Manitoba Opera is to be commended for daring to mess with the popular comedy. However, all too often, the extra hijinks and stage business pulled focus from many of the opera’s “big” vocal moments, which inadvertently competed with mariachi bands, pantalooned floozies and even a stuffed squirrel. Ruffini’s libretto contains enough inherent comedy; by negating or avoiding poignant contrasts, such as with Norina and Ernesto’s heartfelt Act III duet “Tornami a dir che m’ami” in which they pledge their love, “more” actually became “less.”

However, Donizetti’s operas are ultimately about bel canto and MO’s newest production teemed with soaring arias and vocal pyrotechnics delivered (almost) flawlessly by the fine international cast.

Last seen delivering a sparkling portrayal of Marie in MO’s 2012 production of Donizetti’s La Fille du Régiment, Winnipeg-born Nikki Einfeld flounced about the stage as sassy widow Norina during her opening cavatinaQuel guardo il cavliere/So anch’io la virtù magic” before her wheedling “Via, caro sposino ” replete with gravity-defying runs. Her clear lyric colouratura soprano has only grown stronger and more confident with each passing year – plus she swings a mean lasso; proving herself both a comedic and vocal heir apparent to her renowned mentor, Tracy Dahl who performed the same role in 1997.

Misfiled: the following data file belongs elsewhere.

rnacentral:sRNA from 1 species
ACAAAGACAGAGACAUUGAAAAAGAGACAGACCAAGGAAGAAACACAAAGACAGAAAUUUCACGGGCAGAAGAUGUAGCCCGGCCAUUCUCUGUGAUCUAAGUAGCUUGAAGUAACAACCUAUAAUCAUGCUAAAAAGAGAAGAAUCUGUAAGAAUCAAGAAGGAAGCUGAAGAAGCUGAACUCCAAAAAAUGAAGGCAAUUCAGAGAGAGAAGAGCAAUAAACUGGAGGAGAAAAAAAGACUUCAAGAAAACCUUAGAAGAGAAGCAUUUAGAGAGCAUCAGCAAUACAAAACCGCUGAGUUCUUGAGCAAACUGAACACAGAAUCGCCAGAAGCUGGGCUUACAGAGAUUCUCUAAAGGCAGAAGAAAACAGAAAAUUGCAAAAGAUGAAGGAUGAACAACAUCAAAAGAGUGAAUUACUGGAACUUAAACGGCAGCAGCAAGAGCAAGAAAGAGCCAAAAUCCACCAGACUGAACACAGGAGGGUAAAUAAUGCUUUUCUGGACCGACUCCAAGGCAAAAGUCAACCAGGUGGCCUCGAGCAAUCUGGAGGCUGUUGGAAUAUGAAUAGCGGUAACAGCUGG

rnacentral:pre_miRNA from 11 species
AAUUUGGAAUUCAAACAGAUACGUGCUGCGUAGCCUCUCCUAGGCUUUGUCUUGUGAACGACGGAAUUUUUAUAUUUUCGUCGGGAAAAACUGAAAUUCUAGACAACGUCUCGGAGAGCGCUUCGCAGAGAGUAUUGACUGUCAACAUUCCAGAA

Another pleasure was seeing acclaimed character bass-baritone, Peter Strummer in the title role, last heard three years ago as Dr. Bartolo during MO’s The Barber of Seville. After a few balance problems with the orchestra resolved during opening “Ah, un foco insolito,” his booming voice and fearless buffo comedy always entertained.

American tenor Michele Angelini’s chaps-wearing cowboy Ernesto enthralled right from his first aria “Mi fa il destino mendico.” In Act II’s“ Cercherò lontana terra” his golden voice floated even higher than the frothy bubbles in his bathtub.

Lyric baritone Brett Polegato’s Dr. Malatesta stylized as a cigar-toting Buffalo Bill with requisite sidekick Hop Sing (Alan Wong) machinated the plot like a master puppeteer. His robust opening aria “Bella siccome un angelo” was matched equally by his rapid-fire delivery of “Aspetta, aspetta, cara sposina” performed with a spluttering Strummer. An encore reprise (usually performed), would have been the icing on this multi-syllabic show-stopper.

The Manitoba Opera Chorus ably prepared by Tadeusz Biernacki injected welcomed spectacle and energy as the newly hired household help during Act III’s “I diamanti, presto, presto” and later “Che interminabile andirivieni!” performed with mocking glee.

Holly Harris